The mysteries, though always elegant and intriguing, are often quite thin and, sometimes, there is no mystery. In The Man With the Twisted Lip, no crime is committed, while The Adventure of the Crooked Man is conspicuous by having little or no investigation. It’s surprising how few of the stories in the first collection, The Adventures of Sherlock Holmes, contain murders. In later stories, Holmes reveals that deaths have been caused by a horse, by a jellyfish and by suicide.
This is not to criticise Doyle. It is simply to suggest that his mind was elsewhere and that, unlike Agatha Christie, he was less interested in the method and the mechanism of crime (I’m not sure there’s a single Holmes story where we’re blown away by the identity of the killer) than in the character of his two protagonists and the atmosphere in which they lived. And in this, of course, he triumphed. People assumed that Holmes was a real person while Doyle was alive, and some still believe it today.
Perhaps this is why writing The House of Silk was not exactly a challenge, which is to say I never felt intimidated. When you write an original novel, you’re on your own. But I started well ahead of the game with a fantastic array of characters – not just Holmes and Watson, but Mycroft, Moriarty, Lestrade, the Baker Street Irregulars – and a world so brilliantly defined by Doyle that I can conjure it up now with just a handful of words: fog, gas-lamps, hansom cabs, cobbled streets, the pipe, the Persian slipper, the various monograms. These were all gifts for a writer. And then there were the turns of phrase that I could more or less cherry-pick. “Elementary, my dear Watson” (although he never said it). “The game’s afoot.” How many authors are there who can arrange three or four words in the English language and have themselves instantly identified?
This was my task as I saw it. I had to obey all Doyle’s conventions. I decided very early on that, apart from one or two tiny details, I would add no new information – no speculation about Holmes’s childhood or new romances. There would be no cameos from famous people – Queen Victoria or Jack the Ripper – because Doyle never did this and so it wouldn’t seem appropriate. And I threw out any sense of chronology. The House of Silk is set in 1890, but I didn’t worry too much about the historical time-line as Doyle certainly didn’t. “Accuracy of detail matters little,” he once wrote. “What matters if I hold my readers?”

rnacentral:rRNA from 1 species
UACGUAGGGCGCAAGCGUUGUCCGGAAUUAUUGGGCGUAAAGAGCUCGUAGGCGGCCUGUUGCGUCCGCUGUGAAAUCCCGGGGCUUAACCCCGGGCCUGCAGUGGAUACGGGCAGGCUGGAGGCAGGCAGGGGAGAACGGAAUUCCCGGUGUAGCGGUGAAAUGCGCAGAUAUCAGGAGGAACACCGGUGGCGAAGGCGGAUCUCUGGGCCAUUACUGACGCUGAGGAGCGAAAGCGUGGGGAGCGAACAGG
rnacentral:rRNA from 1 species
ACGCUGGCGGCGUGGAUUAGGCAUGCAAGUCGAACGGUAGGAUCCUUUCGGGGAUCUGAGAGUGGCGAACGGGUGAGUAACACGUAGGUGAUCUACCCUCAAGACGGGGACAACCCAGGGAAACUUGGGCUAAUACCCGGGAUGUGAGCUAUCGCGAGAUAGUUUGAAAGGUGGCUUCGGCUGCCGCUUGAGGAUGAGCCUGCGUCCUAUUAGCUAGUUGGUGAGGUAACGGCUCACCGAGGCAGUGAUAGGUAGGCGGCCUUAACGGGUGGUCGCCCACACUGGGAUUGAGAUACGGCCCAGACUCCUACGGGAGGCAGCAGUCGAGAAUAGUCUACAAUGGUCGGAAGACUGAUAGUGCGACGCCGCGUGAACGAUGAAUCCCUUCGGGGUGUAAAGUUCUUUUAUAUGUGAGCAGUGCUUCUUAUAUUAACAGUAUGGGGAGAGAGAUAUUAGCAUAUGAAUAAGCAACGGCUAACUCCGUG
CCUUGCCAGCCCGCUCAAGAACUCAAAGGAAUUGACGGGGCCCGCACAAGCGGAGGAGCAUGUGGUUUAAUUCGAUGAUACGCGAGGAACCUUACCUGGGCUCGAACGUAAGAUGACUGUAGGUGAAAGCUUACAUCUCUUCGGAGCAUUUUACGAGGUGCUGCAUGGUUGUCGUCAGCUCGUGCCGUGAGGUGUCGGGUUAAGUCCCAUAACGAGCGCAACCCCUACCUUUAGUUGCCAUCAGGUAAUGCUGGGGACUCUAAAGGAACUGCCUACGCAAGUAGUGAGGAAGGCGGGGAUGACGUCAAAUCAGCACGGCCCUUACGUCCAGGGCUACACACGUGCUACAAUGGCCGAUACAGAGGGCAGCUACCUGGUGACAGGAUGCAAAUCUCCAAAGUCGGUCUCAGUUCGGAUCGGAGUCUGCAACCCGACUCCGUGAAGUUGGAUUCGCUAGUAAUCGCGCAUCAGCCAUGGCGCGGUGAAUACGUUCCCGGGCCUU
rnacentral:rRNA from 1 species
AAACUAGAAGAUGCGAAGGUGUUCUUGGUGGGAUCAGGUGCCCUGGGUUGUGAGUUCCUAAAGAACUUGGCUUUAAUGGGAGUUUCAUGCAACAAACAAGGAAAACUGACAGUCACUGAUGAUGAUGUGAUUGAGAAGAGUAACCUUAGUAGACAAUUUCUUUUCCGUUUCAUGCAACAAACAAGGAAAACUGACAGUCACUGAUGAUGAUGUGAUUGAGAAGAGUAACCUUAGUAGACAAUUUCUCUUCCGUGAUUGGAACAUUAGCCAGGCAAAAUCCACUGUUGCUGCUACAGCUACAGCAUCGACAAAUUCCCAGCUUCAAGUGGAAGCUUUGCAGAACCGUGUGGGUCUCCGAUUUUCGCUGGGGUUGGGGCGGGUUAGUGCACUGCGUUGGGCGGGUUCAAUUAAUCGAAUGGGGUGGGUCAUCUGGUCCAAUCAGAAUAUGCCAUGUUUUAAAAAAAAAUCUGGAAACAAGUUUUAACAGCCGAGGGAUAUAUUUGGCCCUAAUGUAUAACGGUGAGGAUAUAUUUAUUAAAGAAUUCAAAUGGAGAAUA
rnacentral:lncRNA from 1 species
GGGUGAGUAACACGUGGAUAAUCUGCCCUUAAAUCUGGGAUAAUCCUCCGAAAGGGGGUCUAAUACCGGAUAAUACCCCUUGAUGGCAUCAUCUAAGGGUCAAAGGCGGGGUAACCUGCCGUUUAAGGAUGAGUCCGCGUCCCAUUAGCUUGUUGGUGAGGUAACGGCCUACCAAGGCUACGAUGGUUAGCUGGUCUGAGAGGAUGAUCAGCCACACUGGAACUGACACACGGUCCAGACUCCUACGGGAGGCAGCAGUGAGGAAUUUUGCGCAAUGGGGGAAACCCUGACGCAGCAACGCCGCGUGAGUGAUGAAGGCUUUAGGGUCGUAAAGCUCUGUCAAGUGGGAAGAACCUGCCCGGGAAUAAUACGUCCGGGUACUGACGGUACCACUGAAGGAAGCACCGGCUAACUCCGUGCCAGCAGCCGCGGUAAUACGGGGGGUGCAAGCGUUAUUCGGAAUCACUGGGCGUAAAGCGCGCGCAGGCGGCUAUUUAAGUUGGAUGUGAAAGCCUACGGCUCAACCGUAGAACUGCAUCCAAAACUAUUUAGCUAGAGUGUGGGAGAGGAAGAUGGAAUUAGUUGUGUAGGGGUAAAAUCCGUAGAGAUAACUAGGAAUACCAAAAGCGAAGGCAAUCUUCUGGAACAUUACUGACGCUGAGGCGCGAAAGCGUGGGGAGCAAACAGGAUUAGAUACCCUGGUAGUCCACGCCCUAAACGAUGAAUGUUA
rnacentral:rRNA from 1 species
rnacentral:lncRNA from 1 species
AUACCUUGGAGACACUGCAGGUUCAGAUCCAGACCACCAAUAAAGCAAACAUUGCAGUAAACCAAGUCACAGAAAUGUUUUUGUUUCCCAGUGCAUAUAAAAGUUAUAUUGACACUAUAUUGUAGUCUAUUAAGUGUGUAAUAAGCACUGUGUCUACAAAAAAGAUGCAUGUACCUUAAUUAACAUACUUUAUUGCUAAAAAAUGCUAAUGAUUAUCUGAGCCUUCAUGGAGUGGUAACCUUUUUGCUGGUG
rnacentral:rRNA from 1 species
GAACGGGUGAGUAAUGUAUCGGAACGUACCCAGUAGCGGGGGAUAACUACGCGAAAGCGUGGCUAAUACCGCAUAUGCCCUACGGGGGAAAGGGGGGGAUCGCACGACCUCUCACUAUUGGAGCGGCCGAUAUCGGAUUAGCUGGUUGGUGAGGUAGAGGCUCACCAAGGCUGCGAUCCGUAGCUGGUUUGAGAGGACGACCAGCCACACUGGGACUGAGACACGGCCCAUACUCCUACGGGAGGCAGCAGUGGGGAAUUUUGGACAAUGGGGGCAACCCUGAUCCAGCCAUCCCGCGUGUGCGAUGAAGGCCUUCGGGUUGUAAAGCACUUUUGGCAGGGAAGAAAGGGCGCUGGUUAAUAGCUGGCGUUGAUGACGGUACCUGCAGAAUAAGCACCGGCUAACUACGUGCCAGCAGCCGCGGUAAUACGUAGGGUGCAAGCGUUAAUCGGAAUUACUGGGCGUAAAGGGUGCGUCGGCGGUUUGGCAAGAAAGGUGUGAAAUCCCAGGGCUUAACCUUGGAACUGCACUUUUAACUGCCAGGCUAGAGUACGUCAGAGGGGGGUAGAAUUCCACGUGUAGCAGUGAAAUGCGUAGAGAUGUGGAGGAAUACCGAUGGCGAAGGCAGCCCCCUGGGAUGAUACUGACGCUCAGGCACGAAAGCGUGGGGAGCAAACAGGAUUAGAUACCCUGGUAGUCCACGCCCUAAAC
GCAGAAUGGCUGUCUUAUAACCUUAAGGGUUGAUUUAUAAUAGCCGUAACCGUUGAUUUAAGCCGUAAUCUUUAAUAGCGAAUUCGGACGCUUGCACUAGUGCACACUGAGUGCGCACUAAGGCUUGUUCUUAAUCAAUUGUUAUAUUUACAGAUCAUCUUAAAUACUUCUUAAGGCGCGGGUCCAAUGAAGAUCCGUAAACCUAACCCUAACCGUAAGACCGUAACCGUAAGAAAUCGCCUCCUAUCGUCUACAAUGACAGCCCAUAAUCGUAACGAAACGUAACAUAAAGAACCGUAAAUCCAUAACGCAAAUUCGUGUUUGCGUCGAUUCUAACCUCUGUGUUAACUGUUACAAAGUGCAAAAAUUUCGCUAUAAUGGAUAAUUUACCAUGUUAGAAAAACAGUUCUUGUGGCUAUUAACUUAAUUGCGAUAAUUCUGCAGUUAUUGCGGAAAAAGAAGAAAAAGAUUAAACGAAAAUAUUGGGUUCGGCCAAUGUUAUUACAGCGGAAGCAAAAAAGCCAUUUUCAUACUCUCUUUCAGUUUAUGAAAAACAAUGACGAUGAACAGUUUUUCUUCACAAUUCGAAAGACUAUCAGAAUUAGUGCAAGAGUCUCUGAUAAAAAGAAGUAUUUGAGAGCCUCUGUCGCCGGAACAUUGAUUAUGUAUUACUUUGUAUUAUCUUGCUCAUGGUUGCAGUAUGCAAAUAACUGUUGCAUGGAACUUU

My readers are, of course, modern and I knew I had to come up with an original story that would be fast-paced and twisty enough to hold their attention. I would use a 19th-century idiom, but carefully. Finally – and this was the biggest challenge – my publishers had commissioned 90,000 words, the length of an airport blockbuster (they hope). But the Doyle novels are barely more than 40,000 words. Two of them have whole sections that take place abroad without Holmes or Watson being present. I did wonder how I could extend the length without damaging the delicate structures of the Doyle originals.
I think I’ve succeeded. I’m tempted to say that the book has turned out better than I could possibly have hoped. And so much of it is down to Sir Arthur Conan Doyle. Unlike him, I am not a spiritualist. But as I wrote, I sometimes felt as if he were standing next to me, urging me on. I never had to search for words or descriptions. And although a book usually takes me seven months to a year, The House of Silk was finished in half that time. I am as proud of it as anything I have ever written and, no matter how it is received, how many copies it sells, I will never regret my time at 221b Baker Street in the company of two such remarkable men.